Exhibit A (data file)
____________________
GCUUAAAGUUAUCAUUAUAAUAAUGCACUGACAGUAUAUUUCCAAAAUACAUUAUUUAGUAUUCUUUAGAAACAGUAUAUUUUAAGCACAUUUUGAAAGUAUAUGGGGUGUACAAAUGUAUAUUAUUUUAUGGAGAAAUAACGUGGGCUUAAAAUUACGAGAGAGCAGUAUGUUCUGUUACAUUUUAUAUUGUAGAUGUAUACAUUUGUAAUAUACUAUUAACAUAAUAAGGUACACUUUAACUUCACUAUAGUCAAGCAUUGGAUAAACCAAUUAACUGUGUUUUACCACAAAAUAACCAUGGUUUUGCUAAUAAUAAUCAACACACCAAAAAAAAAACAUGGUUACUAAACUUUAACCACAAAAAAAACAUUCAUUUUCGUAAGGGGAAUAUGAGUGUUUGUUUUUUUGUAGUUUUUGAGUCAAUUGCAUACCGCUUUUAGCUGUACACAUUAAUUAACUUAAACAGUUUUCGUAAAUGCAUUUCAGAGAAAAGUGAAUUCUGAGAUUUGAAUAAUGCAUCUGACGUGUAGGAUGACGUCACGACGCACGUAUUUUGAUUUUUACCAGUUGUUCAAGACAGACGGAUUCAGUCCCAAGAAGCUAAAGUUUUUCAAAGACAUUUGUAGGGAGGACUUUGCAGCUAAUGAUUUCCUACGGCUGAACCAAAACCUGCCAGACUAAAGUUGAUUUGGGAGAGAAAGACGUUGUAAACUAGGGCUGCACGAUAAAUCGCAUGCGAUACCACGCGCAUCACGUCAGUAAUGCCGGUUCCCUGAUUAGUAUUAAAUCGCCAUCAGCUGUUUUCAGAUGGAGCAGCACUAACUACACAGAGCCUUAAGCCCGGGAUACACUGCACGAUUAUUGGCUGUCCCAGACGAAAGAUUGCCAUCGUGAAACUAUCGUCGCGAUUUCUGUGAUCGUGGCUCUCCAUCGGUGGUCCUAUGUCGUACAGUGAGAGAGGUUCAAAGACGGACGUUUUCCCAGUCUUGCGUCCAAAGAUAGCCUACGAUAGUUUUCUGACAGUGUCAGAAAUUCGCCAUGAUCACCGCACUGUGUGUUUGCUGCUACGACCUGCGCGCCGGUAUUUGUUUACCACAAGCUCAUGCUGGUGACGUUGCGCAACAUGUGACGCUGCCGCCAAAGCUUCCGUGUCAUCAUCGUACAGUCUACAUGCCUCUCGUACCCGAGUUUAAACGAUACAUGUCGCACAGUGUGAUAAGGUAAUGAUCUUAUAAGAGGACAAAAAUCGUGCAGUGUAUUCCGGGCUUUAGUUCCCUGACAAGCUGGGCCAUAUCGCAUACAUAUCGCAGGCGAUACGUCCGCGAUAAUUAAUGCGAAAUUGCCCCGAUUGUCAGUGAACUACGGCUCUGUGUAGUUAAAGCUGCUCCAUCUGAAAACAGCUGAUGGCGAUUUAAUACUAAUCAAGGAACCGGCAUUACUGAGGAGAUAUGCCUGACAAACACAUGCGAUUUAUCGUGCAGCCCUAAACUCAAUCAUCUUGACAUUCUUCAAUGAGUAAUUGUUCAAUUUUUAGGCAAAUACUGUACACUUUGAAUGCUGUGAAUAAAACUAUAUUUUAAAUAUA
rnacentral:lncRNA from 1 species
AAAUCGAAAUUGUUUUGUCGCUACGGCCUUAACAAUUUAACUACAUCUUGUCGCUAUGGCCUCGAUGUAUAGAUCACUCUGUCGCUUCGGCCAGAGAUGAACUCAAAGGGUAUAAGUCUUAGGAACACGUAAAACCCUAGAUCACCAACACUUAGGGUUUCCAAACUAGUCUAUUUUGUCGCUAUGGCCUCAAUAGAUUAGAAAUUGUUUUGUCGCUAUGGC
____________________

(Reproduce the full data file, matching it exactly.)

GCUUAAAGUUAUCAUUAUAAUAAUGCACUGACAGUAUAUUUCCAAAAUACAUUAUUUAGUAUUCUUUAGAAACAGUAUAUUUUAAGCACAUUUUGAAAGUAUAUGGGGUGUACAAAUGUAUAUUAUUUUAUGGAGAAAUAACGUGGGCUUAAAAUUACGAGAGAGCAGUAUGUUCUGUUACAUUUUAUAUUGUAGAUGUAUACAUUUGUAAUAUACUAUUAACAUAAUAAGGUACACUUUAACUUCACUAUAGUCAAGCAUUGGAUAAACCAAUUAACUGUGUUUUACCACAAAAUAACCAUGGUUUUGCUAAUAAUAAUCAACACACCAAAAAAAAAACAUGGUUACUAAACUUUAACCACAAAAAAAACAUUCAUUUUCGUAAGGGGAAUAUGAGUGUUUGUUUUUUUGUAGUUUUUGAGUCAAUUGCAUACCGCUUUUAGCUGUACACAUUAAUUAACUUAAACAGUUUUCGUAAAUGCAUUUCAGAGAAAAGUGAAUUCUGAGAUUUGAAUAAUGCAUCUGACGUGUAGGAUGACGUCACGACGCACGUAUUUUGAUUUUUACCAGUUGUUCAAGACAGACGGAUUCAGUCCCAAGAAGCUAAAGUUUUUCAAAGACAUUUGUAGGGAGGACUUUGCAGCUAAUGAUUUCCUACGGCUGAACCAAAACCUGCCAGACUAAAGUUGAUUUGGGAGAGAAAGACGUUGUAAACUAGGGCUGCACGAUAAAUCGCAUGCGAUACCACGCGCAUCACGUCAGUAAUGCCGGUUCCCUGAUUAGUAUUAAAUCGCCAUCAGCUGUUUUCAGAUGGAGCAGCACUAACUACACAGAGCCUUAAGCCCGGGAUACACUGCACGAUUAUUGGCUGUCCCAGACGAAAGAUUGCCAUCGUGAAACUAUCGUCGCGAUUUCUGUGAUCGUGGCUCUCCAUCGGUGGUCCUAUGUCGUACAGUGAGAGAGGUUCAAAGACGGACGUUUUCCCAGUCUUGCGUCCAAAGAUAGCCUACGAUAGUUUUCUGACAGUGUCAGAAAUUCGCCAUGAUCACCGCACUGUGUGUUUGCUGCUACGACCUGCGCGCCGGUAUUUGUUUACCACAAGCUCAUGCUGGUGACGUUGCGCAACAUGUGACGCUGCCGCCAAAGCUUCCGUGUCAUCAUCGUACAGUCUACAUGCCUCUCGUACCCGAGUUUAAACGAUACAUGUCGCACAGUGUGAUAAGGUAAUGAUCUUAUAAGAGGACAAAAAUCGUGCAGUGUAUUCCGGGCUUUAGUUCCCUGACAAGCUGGGCCAUAUCGCAUACAUAUCGCAGGCGAUACGUCCGCGAUAAUUAAUGCGAAAUUGCCCCGAUUGUCAGUGAACUACGGCUCUGUGUAGUUAAAGCUGCUCCAUCUGAAAACAGCUGAUGGCGAUUUAAUACUAAUCAAGGAACCGGCAUUACUGAGGAGAUAUGCCUGACAAACACAUGCGAUUUAUCGUGCAGCCCUAAACUCAAUCAUCUUGACAUUCUUCAAUGAGUAAUUGUUCAAUUUUUAGGCAAAUACUGUACACUUUGAAUGCUGUGAAUAAAACUAUAUUUUAAAUAUA
rnacentral:lncRNA from 1 species
AAAUCGAAAUUGUUUUGUCGCUACGGCCUUAACAAUUUAACUACAUCUUGUCGCUAUGGCCUCGAUGUAUAGAUCACUCUGUCGCUUCGGCCAGAGAUGAACUCAAAGGGUAUAAGUCUUAGGAACACGUAAAACCCUAGAUCACCAACACUUAGGGUUUCCAAACUAGUCUAUUUUGUCGCUAUGGCCUCAAUAGAUUAGAAAUUGUUUUGUCGCUAUGGC